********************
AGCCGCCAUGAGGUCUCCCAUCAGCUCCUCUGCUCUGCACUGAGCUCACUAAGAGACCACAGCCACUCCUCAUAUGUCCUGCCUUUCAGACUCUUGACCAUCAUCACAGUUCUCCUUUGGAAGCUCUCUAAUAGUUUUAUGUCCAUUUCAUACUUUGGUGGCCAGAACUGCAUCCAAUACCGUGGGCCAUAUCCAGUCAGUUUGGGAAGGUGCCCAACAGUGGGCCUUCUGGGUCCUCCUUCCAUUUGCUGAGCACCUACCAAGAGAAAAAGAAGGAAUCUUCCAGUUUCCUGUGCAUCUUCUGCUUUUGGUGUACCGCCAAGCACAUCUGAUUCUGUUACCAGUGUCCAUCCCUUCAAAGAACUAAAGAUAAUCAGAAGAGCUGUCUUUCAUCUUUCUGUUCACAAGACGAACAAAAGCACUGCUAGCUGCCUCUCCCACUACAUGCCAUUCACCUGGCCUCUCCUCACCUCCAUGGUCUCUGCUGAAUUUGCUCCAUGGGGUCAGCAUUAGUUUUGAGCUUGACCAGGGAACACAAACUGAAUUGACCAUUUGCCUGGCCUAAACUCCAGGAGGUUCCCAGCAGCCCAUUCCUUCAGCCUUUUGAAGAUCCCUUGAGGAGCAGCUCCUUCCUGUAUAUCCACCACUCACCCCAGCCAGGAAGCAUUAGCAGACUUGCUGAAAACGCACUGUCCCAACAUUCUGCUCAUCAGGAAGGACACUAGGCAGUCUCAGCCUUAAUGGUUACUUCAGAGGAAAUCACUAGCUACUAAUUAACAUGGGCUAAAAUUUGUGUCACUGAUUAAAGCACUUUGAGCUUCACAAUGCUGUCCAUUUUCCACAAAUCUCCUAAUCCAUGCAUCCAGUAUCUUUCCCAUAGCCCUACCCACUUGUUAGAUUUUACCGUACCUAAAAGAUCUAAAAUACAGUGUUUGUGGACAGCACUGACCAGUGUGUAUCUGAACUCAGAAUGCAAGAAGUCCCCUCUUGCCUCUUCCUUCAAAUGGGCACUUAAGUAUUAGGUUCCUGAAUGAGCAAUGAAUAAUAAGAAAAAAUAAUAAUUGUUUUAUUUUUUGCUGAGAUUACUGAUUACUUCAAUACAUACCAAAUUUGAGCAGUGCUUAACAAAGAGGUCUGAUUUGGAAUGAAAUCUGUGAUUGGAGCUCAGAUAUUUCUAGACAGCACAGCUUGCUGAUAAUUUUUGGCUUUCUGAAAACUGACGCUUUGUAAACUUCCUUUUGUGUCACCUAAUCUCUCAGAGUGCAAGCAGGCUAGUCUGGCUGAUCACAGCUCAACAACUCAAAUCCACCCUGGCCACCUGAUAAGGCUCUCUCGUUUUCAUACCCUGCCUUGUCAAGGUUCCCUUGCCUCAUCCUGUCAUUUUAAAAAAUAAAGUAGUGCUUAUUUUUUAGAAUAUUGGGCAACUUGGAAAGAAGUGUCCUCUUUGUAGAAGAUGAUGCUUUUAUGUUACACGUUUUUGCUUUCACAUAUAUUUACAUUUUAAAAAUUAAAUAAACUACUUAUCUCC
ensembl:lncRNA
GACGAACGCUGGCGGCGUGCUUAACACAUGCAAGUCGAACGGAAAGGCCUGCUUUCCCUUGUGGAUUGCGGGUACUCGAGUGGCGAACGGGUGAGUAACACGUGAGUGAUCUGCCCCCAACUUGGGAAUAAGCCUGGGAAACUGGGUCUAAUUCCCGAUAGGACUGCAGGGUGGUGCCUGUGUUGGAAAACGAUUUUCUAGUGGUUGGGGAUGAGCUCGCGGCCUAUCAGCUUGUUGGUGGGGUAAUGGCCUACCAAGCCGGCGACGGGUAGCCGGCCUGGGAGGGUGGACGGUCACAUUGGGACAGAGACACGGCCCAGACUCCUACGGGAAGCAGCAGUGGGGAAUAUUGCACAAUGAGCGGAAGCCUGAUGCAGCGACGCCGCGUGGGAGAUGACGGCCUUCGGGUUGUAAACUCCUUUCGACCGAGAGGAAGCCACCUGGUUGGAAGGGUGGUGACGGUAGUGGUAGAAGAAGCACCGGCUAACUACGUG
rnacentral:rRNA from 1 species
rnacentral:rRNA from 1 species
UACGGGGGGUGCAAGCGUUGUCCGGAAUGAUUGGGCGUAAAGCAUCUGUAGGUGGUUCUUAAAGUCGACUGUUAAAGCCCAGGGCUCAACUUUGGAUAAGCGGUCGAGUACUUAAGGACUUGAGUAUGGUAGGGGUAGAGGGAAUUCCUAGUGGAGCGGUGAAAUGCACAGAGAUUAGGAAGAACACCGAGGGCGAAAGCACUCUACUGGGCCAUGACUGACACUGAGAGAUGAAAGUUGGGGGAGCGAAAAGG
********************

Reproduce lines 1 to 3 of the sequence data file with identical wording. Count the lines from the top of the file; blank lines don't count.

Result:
AGCCGCCAUGAGGUCUCCCAUCAGCUCCUCUGCUCUGCACUGAGCUCACUAAGAGACCACAGCCACUCCUCAUAUGUCCUGCCUUUCAGACUCUUGACCAUCAUCACAGUUCUCCUUUGGAAGCUCUCUAAUAGUUUUAUGUCCAUUUCAUACUUUGGUGGCCAGAACUGCAUCCAAUACCGUGGGCCAUAUCCAGUCAGUUUGGGAAGGUGCCCAACAGUGGGCCUUCUGGGUCCUCCUUCCAUUUGCUGAGCACCUACCAAGAGAAAAAGAAGGAAUCUUCCAGUUUCCUGUGCAUCUUCUGCUUUUGGUGUACCGCCAAGCACAUCUGAUUCUGUUACCAGUGUCCAUCCCUUCAAAGAACUAAAGAUAAUCAGAAGAGCUGUCUUUCAUCUUUCUGUUCACAAGACGAACAAAAGCACUGCUAGCUGCCUCUCCCACUACAUGCCAUUCACCUGGCCUCUCCUCACCUCCAUGGUCUCUGCUGAAUUUGCUCCAUGGGGUCAGCAUUAGUUUUGAGCUUGACCAGGGAACACAAACUGAAUUGACCAUUUGCCUGGCCUAAACUCCAGGAGGUUCCCAGCAGCCCAUUCCUUCAGCCUUUUGAAGAUCCCUUGAGGAGCAGCUCCUUCCUGUAUAUCCACCACUCACCCCAGCCAGGAAGCAUUAGCAGACUUGCUGAAAACGCACUGUCCCAACAUUCUGCUCAUCAGGAAGGACACUAGGCAGUCUCAGCCUUAAUGGUUACUUCAGAGGAAAUCACUAGCUACUAAUUAACAUGGGCUAAAAUUUGUGUCACUGAUUAAAGCACUUUGAGCUUCACAAUGCUGUCCAUUUUCCACAAAUCUCCUAAUCCAUGCAUCCAGUAUCUUUCCCAUAGCCCUACCCACUUGUUAGAUUUUACCGUACCUAAAAGAUCUAAAAUACAGUGUUUGUGGACAGCACUGACCAGUGUGUAUCUGAACUCAGAAUGCAAGAAGUCCCCUCUUGCCUCUUCCUUCAAAUGGGCACUUAAGUAUUAGGUUCCUGAAUGAGCAAUGAAUAAUAAGAAAAAAUAAUAAUUGUUUUAUUUUUUGCUGAGAUUACUGAUUACUUCAAUACAUACCAAAUUUGAGCAGUGCUUAACAAAGAGGUCUGAUUUGGAAUGAAAUCUGUGAUUGGAGCUCAGAUAUUUCUAGACAGCACAGCUUGCUGAUAAUUUUUGGCUUUCUGAAAACUGACGCUUUGUAAACUUCCUUUUGUGUCACCUAAUCUCUCAGAGUGCAAGCAGGCUAGUCUGGCUGAUCACAGCUCAACAACUCAAAUCCACCCUGGCCACCUGAUAAGGCUCUCUCGUUUUCAUACCCUGCCUUGUCAAGGUUCCCUUGCCUCAUCCUGUCAUUUUAAAAAAUAAAGUAGUGCUUAUUUUUUAGAAUAUUGGGCAACUUGGAAAGAAGUGUCCUCUUUGUAGAAGAUGAUGCUUUUAUGUUACACGUUUUUGCUUUCACAUAUAUUUACAUUUUAAAAAUUAAAUAAACUACUUAUCUCC
ensembl:lncRNA
GACGAACGCUGGCGGCGUGCUUAACACAUGCAAGUCGAACGGAAAGGCCUGCUUUCCCUUGUGGAUUGCGGGUACUCGAGUGGCGAACGGGUGAGUAACACGUGAGUGAUCUGCCCCCAACUUGGGAAUAAGCCUGGGAAACUGGGUCUAAUUCCCGAUAGGACUGCAGGGUGGUGCCUGUGUUGGAAAACGAUUUUCUAGUGGUUGGGGAUGAGCUCGCGGCCUAUCAGCUUGUUGGUGGGGUAAUGGCCUACCAAGCCGGCGACGGGUAGCCGGCCUGGGAGGGUGGACGGUCACAUUGGGACAGAGACACGGCCCAGACUCCUACGGGAAGCAGCAGUGGGGAAUAUUGCACAAUGAGCGGAAGCCUGAUGCAGCGACGCCGCGUGGGAGAUGACGGCCUUCGGGUUGUAAACUCCUUUCGACCGAGAGGAAGCCACCUGGUUGGAAGGGUGGUGACGGUAGUGGUAGAAGAAGCACCGGCUAACUACGUG